Two Loaves of Bread
This book covers the allied attempts to hunt down a small German army in East Africa during the First World War; the campaign lasted from the start of the war until the armistice. Some naval history is also included: the commerce raiding and battles of the SMS Konigsberg and both sides’ attempts to control Lake Tanganyika. It has been a couple of years since I read the book, but as far as I remember it does not cover the (much shorter) operations in South-West Africa, Kamerun, or Togoland.
The author had an incredible amount of material to work with; any one of the following historical events could form the basis for a dramatic story with interesting characters:
- German soldiers and militiamen retreating into the African bush to carry out hit-and-run raids against British forces.
- Sailors of a trapped German warship removing its guns and bringing them along as they join the German force.
- British sailors dragging boats overland to challenge German naval supremacy on Lake Tanganyika.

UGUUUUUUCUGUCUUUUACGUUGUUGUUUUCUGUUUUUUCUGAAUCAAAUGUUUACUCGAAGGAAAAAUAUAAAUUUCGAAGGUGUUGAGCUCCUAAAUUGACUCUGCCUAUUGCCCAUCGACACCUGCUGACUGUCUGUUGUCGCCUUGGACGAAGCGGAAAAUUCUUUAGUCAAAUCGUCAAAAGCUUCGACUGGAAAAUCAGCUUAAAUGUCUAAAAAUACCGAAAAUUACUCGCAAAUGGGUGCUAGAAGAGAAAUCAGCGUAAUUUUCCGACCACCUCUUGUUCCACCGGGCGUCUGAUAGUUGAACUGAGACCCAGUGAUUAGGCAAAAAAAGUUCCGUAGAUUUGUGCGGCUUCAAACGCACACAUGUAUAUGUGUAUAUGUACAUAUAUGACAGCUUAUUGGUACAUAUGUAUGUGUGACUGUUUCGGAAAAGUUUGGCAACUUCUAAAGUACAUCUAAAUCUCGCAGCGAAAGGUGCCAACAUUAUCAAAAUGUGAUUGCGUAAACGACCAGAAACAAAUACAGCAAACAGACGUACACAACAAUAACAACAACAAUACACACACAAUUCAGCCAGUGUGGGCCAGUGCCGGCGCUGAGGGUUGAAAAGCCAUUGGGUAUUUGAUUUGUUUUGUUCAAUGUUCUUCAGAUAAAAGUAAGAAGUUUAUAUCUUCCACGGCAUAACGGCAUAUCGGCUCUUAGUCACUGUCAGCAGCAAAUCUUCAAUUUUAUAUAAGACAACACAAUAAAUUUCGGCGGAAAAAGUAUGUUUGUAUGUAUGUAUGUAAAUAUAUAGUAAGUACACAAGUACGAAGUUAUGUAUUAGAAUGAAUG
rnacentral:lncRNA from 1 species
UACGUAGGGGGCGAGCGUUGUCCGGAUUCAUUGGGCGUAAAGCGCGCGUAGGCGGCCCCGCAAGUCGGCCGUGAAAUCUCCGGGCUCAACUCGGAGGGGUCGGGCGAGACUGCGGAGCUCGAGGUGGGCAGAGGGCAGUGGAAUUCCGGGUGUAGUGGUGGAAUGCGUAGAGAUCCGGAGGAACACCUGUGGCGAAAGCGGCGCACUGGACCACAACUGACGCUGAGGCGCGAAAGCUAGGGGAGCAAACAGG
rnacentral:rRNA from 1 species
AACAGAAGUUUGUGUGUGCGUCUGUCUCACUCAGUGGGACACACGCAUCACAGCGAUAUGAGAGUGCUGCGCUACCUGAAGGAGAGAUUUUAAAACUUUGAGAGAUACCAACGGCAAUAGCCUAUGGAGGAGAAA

- A zeppelin flight from Europe in a desperate attempt to resupply the German troops.
- Interactions between the white officers and soldiers, the black “askari” forces, and the black civilian porters.
- Interactions between the British forces of English, Afrikaner, Kenyan, and Indian origin.
- Mistrust among the British, Belgian, and Portuguese allies concerning their postwar goals in Africa.
The author covers all of the above stories, giving the reader every pertinent fact and detail, but somehow manages to do so without bringing the story to life or giving the reader the sense that they were experiencing these events in person. He also makes frequent use of military history clichés; I can’t remember the exact ones he used, but if you’ve read much military history you’ve seen these types of phrases: “they beat back the attackers” or “retreated in good order”.
Ultimately, if you’re a military history enthusiast, or you want to know everything about the First World War, then this book will give you the facts you need. If you’re a more casual reader who enjoys the occasional history book, you’ll probably want to wait for an author with a different writing style to pick up these topics and breathe life into them.